Passion – The misunderstood word

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A couple of weeks ago I was really bothered about my major. As the courses are getting harder and harder I have started  questioning myself – WHY DO I WANT TO MAJOR IN CHEMICAL ENGINEERING ?

In quest of finding answers I realized that I always wanted  to be medical doctor since grade 7,But why did I choose engineering after graduating from high school?. Ended up in frustration I  turned to people(mostly professors)   to ask them what makes them love what they are doing for living. The goal was to find some formula to increase my love and PASSION for engineering. I started identifying some common patterns, but perhaps equally interesting is what I didn’t find: very few of them knew in advance what they wanted to do with their life — their path was haphazard.

Still not satisfied , I informally talked to top students in university and asked their reasons for loving what they were doing. Their answers somehow matched to what professors said. Then ,I  question relatively students of average academic standing. Their responses also had a pattern.

After series of questions and answers I have finally concluded that JUST FOLLOWING YOUR PASSION TURNS OUT TO WORST CHOICE EVER.

Now most of you will disagree with me,but what I mean by PASSION IN THIS CONTEXT IS THAT WE FOLLOW ARBITRARILY .For example; “I HAVE PASSION FOR GAMES ,SO I SHOULD MAJOR IN COMPUTER SCIENCE” ;” I HAVE PASSION FOR ENGINEERING BECAUSE IT SEEMS COOL – GADGETS ,WIRES etc”.

 

I bash the idea that we are hard-wired to follow a particular economic pursuit.

Rather what I learned from the interviews and talks I had with people who enjoy what they are doing, is that to really love your major, professions etc You MUST BUILD RARE AND VALUABLE SKILLS in that field.

   

To support this lets analyze what one of the subject a  computer scientist working  at UAEU said:

I asked him why did he ended up as a computer scientist ?  Why not regular engineer – mechanical , civil , chemical? He said that during his first year of university he had little interest in computers but that didn’t take him anywhere. What made him love his chosen field was GRADUAL DEVELOPMENT. He focused on specifics rather than the economic gains from the field. To illustrate this he shared his story of tackling DISCRETE MATHEMATICs – a very basic course for all computer related fields. He said: “I used to work every day on it for sustained period of time.I watched Youtube videos explaining the concepts, solved hundreds of problems ,discussed the topics with seniors, And finally ended up with top score in the class”.But he also says that he didn’t made a good grade in courses not related to computer science(general electives)”.  Today he  LOVES HIS work so much that he ends up working extra hours in his office, not just because he is hard wired for programming but because he nearly PERFECTED his skills .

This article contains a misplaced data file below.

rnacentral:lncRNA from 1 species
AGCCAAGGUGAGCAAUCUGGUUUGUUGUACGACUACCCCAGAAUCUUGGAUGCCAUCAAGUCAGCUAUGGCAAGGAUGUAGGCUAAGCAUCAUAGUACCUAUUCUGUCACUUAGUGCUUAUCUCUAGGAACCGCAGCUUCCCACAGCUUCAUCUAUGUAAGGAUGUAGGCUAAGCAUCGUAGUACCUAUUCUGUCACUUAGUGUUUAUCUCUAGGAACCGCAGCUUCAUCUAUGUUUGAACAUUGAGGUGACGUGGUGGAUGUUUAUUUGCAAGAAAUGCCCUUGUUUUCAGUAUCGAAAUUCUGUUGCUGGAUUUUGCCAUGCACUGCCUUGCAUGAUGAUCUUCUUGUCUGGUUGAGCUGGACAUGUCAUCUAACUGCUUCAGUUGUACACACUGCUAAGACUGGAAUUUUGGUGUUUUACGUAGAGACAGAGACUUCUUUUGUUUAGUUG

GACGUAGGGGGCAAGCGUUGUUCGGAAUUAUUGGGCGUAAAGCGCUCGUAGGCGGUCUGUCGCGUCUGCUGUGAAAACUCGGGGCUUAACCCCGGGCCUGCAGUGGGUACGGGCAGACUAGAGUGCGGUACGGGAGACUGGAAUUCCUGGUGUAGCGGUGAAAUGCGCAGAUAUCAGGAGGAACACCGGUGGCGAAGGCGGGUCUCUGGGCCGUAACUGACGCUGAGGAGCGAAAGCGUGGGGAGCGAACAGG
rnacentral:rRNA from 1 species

If we return to my own concern of why I chose  chemical engineering,  I found similar conclusion-I am not hardwired for chemical engineering neither I was for pursuing career medicine .  Now, I realize why I used to think that I was good for studying medicine . EXPOSURE. I used to read  instructions on back of medicine cover and I used to read human  anatomy chart that I had at home . Also, till that time I was only interacting with members (cousins) of  my family who were studying medicine.Later in grade 11 I got a lot more EXPOSURE to advance level math , physics and chemistry concepts. In process of preparing for exams I used to read a lot of articles on topics related to those subjects .The sources of exposure were teachers, exam prep process etc. I got to know a lot more about engineering by discussing the topics on engineering with  my brother(Mech eng). The skills and knowledge I gained during this time span sparked interest in me to pursue engineering.

 

Conclusion :

So what did I learned and what can you learn from this.

Firstly , I learned that Compelling careers often have complex origins that reject the simple idea that all you have to do is follow your passion.

Secondly, the take away message is that you will end up frustrated if you BLINDLY FOLLOW YOUR PASSION. Your passion will keep fading and you will come up with other passion and every time you will jump from one field to another , this will  take you no where.

Also the the hard lesson I learned from my experience is that although I developed interest to pursue engineering,It doesnot means that I will have same level of zeal or drive throughout my 4 years of studies. This means I have to WORK DEEPLY to become erudite to keep up with hard courses. The contentment  of People who love what they do instead grew over time as they got better at what they did, and then leveraged this skill to gain traits like competence, autonomy, and impact .

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3 thoughts on “Passion – The misunderstood word

  1. Great piece omeir …….. I couldn’t agree more. …infact there’s no special passion waiting for one to discover. Passion is something that is cultivated. It can be cultivated in many, many different fields. Therefore, it doesn’t make sense to say, “my only passion is so and so……” What does make sense is to say, “I haven’t yet cultivated a passion for this ……I should really focus down on a small number of things and start this process.”…well done !!! You are already on the way to develop great passion for writing …. 🙂

  2. I stumbled upon this article by mistake, and I’m glad I did!
    Being a second year engineering student myself, I frequently asked myself the same question!
    Thank you for answering it so beautifully, you are going to go a long way 🙂
    Although there is still some room for your writing skills to improve, your ideology is great!
    practice makes better 😉

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